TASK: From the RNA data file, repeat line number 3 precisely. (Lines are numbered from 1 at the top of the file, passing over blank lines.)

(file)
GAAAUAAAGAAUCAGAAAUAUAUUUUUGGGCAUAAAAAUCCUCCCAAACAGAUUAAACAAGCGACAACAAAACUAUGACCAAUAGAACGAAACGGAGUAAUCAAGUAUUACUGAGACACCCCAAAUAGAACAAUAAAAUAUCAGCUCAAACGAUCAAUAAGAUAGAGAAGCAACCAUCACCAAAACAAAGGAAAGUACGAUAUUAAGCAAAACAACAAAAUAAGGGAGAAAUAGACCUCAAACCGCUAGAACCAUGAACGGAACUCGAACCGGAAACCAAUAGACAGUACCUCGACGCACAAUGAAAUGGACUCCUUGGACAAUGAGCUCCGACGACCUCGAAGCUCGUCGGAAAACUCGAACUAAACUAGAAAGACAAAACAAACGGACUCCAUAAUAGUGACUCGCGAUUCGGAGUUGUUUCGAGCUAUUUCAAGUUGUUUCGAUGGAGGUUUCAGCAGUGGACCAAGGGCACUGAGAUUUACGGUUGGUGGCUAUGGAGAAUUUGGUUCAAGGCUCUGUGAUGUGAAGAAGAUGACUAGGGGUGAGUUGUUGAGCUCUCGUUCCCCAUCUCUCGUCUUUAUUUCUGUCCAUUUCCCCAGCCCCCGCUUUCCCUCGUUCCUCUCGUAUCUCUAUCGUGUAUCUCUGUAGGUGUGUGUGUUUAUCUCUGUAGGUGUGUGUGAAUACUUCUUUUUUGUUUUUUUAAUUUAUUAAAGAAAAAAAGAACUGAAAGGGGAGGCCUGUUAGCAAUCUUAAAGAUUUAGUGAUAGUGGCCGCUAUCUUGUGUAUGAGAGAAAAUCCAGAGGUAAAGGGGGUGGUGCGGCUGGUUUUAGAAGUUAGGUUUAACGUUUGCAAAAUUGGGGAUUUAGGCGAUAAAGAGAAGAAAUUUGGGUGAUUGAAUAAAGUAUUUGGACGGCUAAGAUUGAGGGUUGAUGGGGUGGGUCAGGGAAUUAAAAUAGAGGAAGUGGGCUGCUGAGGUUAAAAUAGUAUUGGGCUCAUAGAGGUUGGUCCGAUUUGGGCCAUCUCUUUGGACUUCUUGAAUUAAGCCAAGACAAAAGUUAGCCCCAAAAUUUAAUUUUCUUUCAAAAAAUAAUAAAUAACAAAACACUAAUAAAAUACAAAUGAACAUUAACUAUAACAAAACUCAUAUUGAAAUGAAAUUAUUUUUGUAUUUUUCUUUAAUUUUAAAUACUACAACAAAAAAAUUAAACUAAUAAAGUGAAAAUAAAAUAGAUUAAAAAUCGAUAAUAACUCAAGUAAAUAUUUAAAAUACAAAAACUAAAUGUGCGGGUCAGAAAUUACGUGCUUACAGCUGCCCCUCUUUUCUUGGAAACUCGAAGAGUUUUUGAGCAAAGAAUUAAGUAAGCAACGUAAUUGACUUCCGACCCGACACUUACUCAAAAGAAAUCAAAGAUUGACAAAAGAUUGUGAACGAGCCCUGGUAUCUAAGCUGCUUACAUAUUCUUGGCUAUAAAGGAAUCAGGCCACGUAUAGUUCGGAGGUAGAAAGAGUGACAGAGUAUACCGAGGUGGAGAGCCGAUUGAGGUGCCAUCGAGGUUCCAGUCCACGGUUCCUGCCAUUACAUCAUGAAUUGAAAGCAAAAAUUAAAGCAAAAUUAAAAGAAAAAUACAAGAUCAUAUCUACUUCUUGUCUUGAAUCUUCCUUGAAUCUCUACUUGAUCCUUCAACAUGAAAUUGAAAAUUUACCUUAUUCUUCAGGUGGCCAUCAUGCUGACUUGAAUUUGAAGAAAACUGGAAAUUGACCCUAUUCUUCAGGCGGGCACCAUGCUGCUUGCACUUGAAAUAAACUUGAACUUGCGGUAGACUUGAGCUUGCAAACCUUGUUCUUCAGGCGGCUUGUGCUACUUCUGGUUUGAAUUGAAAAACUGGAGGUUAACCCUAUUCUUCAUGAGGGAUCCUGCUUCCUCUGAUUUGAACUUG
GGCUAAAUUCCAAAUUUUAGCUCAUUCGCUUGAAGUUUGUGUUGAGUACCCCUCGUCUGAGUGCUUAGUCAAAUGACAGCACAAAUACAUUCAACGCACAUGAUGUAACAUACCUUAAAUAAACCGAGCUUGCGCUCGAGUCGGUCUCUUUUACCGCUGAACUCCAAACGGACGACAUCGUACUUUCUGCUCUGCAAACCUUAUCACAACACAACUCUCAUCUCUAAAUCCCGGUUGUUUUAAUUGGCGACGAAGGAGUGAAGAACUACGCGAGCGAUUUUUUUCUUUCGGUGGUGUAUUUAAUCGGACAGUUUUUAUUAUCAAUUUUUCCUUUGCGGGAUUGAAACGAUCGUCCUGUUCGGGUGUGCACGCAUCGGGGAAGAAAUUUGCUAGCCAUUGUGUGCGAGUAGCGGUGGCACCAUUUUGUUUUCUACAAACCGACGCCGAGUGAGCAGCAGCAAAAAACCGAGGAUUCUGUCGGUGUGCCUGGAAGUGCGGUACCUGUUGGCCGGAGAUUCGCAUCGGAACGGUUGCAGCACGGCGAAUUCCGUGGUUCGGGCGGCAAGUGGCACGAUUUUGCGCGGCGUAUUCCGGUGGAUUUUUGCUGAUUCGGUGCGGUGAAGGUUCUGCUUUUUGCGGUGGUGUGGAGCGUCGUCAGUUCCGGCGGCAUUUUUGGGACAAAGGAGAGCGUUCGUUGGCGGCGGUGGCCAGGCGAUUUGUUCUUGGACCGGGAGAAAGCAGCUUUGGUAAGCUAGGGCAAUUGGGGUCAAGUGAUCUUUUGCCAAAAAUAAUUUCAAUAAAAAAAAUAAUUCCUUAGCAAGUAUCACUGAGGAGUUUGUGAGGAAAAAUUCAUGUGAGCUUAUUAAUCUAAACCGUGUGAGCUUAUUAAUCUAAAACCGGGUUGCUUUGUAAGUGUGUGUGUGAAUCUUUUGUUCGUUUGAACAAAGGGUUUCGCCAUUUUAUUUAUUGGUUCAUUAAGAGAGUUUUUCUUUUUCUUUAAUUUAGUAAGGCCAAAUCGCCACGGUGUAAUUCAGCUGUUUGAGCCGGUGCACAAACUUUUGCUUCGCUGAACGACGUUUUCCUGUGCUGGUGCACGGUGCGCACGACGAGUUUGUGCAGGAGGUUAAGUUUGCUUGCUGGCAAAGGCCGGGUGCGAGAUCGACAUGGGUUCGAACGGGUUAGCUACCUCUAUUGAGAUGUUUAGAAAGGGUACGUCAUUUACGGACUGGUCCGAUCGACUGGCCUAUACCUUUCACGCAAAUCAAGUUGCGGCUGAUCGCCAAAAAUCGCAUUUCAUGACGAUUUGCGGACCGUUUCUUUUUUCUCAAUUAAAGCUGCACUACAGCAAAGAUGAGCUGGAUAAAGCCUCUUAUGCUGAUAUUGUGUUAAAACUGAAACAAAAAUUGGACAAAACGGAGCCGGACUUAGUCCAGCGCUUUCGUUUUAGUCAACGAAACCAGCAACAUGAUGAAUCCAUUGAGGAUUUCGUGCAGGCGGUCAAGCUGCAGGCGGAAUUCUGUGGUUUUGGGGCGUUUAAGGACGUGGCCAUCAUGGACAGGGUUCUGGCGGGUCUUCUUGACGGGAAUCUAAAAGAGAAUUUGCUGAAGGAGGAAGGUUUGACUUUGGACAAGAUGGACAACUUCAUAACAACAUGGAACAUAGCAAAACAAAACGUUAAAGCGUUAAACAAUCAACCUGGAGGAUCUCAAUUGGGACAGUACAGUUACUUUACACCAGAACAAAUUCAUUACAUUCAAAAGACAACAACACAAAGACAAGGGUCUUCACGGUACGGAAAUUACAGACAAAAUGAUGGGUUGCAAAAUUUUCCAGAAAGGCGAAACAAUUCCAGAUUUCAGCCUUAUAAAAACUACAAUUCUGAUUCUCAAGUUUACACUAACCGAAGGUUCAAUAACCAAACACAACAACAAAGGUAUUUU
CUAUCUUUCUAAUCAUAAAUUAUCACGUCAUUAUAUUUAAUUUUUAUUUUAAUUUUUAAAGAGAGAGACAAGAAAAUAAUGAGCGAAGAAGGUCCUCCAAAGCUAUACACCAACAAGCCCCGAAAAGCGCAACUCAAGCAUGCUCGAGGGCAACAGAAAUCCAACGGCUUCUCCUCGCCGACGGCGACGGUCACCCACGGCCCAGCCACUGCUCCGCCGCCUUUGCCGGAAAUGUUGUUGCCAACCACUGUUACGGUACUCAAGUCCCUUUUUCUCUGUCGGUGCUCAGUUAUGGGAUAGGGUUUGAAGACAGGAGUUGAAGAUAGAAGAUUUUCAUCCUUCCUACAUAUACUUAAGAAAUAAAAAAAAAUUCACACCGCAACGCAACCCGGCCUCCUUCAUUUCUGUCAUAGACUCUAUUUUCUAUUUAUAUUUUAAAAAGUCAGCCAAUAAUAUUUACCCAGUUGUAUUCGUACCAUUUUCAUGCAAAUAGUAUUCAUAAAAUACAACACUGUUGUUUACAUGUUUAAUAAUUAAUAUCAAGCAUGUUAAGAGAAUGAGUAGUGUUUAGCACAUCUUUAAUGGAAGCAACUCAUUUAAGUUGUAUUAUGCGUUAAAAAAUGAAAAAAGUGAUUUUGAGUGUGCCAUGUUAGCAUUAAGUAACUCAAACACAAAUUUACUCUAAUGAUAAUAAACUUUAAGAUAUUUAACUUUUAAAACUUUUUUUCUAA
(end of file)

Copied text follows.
CUAUCUUUCUAAUCAUAAAUUAUCACGUCAUUAUAUUUAAUUUUUAUUUUAAUUUUUAAAGAGAGAGACAAGAAAAUAAUGAGCGAAGAAGGUCCUCCAAAGCUAUACACCAACAAGCCCCGAAAAGCGCAACUCAAGCAUGCUCGAGGGCAACAGAAAUCCAACGGCUUCUCCUCGCCGACGGCGACGGUCACCCACGGCCCAGCCACUGCUCCGCCGCCUUUGCCGGAAAUGUUGUUGCCAACCACUGUUACGGUACUCAAGUCCCUUUUUCUCUGUCGGUGCUCAGUUAUGGGAUAGGGUUUGAAGACAGGAGUUGAAGAUAGAAGAUUUUCAUCCUUCCUACAUAUACUUAAGAAAUAAAAAAAAAUUCACACCGCAACGCAACCCGGCCUCCUUCAUUUCUGUCAUAGACUCUAUUUUCUAUUUAUAUUUUAAAAAGUCAGCCAAUAAUAUUUACCCAGUUGUAUUCGUACCAUUUUCAUGCAAAUAGUAUUCAUAAAAUACAACACUGUUGUUUACAUGUUUAAUAAUUAAUAUCAAGCAUGUUAAGAGAAUGAGUAGUGUUUAGCACAUCUUUAAUGGAAGCAACUCAUUUAAGUUGUAUUAUGCGUUAAAAAAUGAAAAAAGUGAUUUUGAGUGUGCCAUGUUAGCAUUAAGUAACUCAAACACAAAUUUACUCUAAUGAUAAUAAACUUUAAGAUAUUUAACUUUUAAAACUUUUUUUCUAA